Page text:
– RS-source: “a swelling soul-pop song, with bright synth sounds influenced by OMD and, Bono says, “early electronica.” “You don’t hear indie bands doing blue-eyed soul [like this],” he adds”

11. “Cedars Of Lebanon
– Q-source: not mentioned …
– Q-magazine: “Daniel Lanois instigated closer that finds Bono imagining himself as a weary, lovelorn war correspondent “squeezing complicated lives into a simple headline”. Ends with the possibly telling line “Choose your enemies carefully cos they will define you””
– RS-source: “”On this album, you can feel what is going on in the world at the window, scratching at the windowpane,” says Bono, who sings this atmospheric ballad from the point of view of a war correspondent”

12. “Tripoli
– Q-source: not mentioned …
– Q-magazine: “Bono talks about a song called “Tripoli”, which is a guy on a motorcycle, a Moraccan french cop, whos going AWOL. He drives though France and Spain down to this village outside of Cadiz where you can actually see the fires of Africa burning”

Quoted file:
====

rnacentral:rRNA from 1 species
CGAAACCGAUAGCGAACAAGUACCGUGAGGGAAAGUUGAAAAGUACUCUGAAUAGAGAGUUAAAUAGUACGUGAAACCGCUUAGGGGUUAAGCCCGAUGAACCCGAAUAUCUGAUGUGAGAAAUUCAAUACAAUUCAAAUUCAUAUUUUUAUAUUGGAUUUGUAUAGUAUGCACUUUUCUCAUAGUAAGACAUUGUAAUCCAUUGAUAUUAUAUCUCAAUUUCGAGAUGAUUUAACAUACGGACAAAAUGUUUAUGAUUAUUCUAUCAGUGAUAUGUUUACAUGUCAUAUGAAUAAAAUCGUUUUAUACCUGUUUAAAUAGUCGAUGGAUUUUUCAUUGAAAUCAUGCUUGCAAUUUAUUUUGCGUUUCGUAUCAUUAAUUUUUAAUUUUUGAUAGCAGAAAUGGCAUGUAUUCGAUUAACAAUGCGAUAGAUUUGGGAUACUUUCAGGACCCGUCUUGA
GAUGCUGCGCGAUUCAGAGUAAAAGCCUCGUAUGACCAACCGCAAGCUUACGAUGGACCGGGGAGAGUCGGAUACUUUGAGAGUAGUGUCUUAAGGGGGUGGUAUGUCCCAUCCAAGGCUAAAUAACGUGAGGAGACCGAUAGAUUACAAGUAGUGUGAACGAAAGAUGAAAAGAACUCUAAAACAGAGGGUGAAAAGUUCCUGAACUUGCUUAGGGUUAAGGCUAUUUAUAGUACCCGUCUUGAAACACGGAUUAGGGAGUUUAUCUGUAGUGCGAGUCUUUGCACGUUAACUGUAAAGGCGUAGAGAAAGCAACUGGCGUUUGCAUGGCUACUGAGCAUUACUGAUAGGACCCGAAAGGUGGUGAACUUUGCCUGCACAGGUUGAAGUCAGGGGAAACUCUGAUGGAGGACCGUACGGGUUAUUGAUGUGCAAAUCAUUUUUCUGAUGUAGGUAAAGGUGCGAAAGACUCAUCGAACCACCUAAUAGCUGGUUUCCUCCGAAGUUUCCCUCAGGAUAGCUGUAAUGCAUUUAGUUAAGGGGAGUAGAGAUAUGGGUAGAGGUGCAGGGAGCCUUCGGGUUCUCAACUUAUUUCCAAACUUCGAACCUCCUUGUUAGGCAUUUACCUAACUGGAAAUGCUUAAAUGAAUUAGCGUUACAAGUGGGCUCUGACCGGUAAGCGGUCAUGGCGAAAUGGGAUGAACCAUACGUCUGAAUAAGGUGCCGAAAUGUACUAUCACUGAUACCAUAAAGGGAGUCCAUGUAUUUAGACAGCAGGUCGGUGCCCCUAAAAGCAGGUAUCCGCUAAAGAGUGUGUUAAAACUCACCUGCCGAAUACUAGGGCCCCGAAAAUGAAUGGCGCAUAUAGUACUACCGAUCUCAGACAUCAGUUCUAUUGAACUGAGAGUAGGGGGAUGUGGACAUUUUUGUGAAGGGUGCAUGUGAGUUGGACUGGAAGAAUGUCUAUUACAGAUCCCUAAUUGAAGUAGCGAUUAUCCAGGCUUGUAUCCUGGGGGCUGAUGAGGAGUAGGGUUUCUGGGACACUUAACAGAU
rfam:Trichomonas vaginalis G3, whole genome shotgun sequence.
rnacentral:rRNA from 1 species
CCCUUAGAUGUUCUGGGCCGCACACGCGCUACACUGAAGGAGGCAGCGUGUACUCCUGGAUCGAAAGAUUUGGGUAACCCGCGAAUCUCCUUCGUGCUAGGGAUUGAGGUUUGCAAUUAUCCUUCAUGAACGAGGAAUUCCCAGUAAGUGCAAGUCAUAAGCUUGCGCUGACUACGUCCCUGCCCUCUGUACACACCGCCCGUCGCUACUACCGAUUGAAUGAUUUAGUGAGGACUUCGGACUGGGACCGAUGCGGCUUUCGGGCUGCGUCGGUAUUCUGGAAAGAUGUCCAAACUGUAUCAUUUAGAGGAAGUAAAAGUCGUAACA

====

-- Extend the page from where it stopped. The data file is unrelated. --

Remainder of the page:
– RS-source: “this strikingly experimental song lurches between disparate styles, including near-operatic choral music, ZOOROPA-style electronics, and churning arena rock”


Leave a Reply

Fill in your details below or click an icon to log in: Logo

You are commenting using your account. Log Out /  Change )

Google+ photo

You are commenting using your Google+ account. Log Out /  Change )

Twitter picture

You are commenting using your Twitter account. Log Out /  Change )

Facebook photo

You are commenting using your Facebook account. Log Out /  Change )


Connecting to %s